But, I love my grandkids. As human beings, they’re superior examples. All of them. I decided early on I wouldn’t be a check writing grandparent, no matter how much I want them to have everything they want in life. I don’t want to be that grandma. I’d like to give them something more…meaningful, more influential. But, what? It’s a particular challenge given we are all spread out.
When we lived closer, my oldest granddaughters cooked with me. They loved it, I loved it. When they’d visit, they counted on making cupcakes, cookies, stirring the pot, whatever. Definitely a grandma-ish activity. Now, those times are few and far between. I had to think of something else.
I’m a writer. I could write something for them. Not about them, but for them. I daydreamed about leaving a written legacy, an exposition that would stand the test of time, and get handed down through the generations.
I narrowed it down to a children’s book.
I’ve got to give a shout out to children’s book authors. They’re brilliant. If you’ve ever tried to hold the attention of a three year-old for more than two seconds, you know they’re a tough crowd. If you can make one laugh, you’ve got it going on.
I narrowed it down to a short story.
I remembered my own mother regaling me with the prayer she and her brothers and sisters (nine of them) used to say before bed. It started out God bless…then she shot out all nine names like an AK-47. It always made me laugh. I thought that’d be a sweet beginning.
By paragraph three a strange man appeared in the woods.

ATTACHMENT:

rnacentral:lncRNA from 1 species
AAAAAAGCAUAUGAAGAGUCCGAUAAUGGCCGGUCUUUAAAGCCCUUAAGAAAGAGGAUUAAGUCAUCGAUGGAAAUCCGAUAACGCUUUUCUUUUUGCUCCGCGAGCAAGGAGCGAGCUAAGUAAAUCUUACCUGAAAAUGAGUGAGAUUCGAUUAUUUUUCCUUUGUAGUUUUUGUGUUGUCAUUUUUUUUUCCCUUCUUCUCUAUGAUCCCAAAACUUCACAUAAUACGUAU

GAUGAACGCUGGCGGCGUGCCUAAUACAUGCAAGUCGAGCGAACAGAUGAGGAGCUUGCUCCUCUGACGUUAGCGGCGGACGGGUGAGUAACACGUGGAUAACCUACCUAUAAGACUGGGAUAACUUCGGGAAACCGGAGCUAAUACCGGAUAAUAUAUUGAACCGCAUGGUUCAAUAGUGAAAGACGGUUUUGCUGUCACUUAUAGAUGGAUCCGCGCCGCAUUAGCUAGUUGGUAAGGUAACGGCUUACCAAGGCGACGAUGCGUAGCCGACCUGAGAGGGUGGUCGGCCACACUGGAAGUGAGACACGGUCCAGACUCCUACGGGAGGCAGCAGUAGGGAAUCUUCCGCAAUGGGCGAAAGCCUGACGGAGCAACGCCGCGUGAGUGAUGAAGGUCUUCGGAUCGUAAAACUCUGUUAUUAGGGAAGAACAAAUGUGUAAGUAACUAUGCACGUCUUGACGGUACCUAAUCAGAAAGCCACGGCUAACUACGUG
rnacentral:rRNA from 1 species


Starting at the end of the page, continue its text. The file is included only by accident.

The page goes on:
By the fourth, he died - bullet to the brain.
By the fifth, he was in the later stages of decomp.
When the story took its inevitable, incestuous turn, I cried Uncle.
I see through the glass darkly. It’s who I am. Writing a children’s story is not in my future. It’s best for all.
I’ve got to go write some checks.
I went to the gym today. Mostly to get away from my editor and round two of her edits (I suck at punctuation). I thought I'd burn off some frustration and that jiggly crap around my knees too. I was ready to work out in peace.
No such luck. I was violated instead.
Now, I'm old enough to remember when shorty shorts for men were in style. I don't know what's sadder, that I'm so old, or that they were ever in style. Don't scoff. Look through your yearbook if you've conveniently forgotten. That's what I'm talkin' about. These days, even the most fashion challenged men have trashed those, or their wives have made sure they had an unfortunate accident. At any rate, it's a shock to the system to see some geezer in hot pants, legs spread, on a weight machine.
But there he was. I won't mention any names but his initials are, "my neighbor." I've seen him before, and I'll have to see him again. In those shorts, no doubt.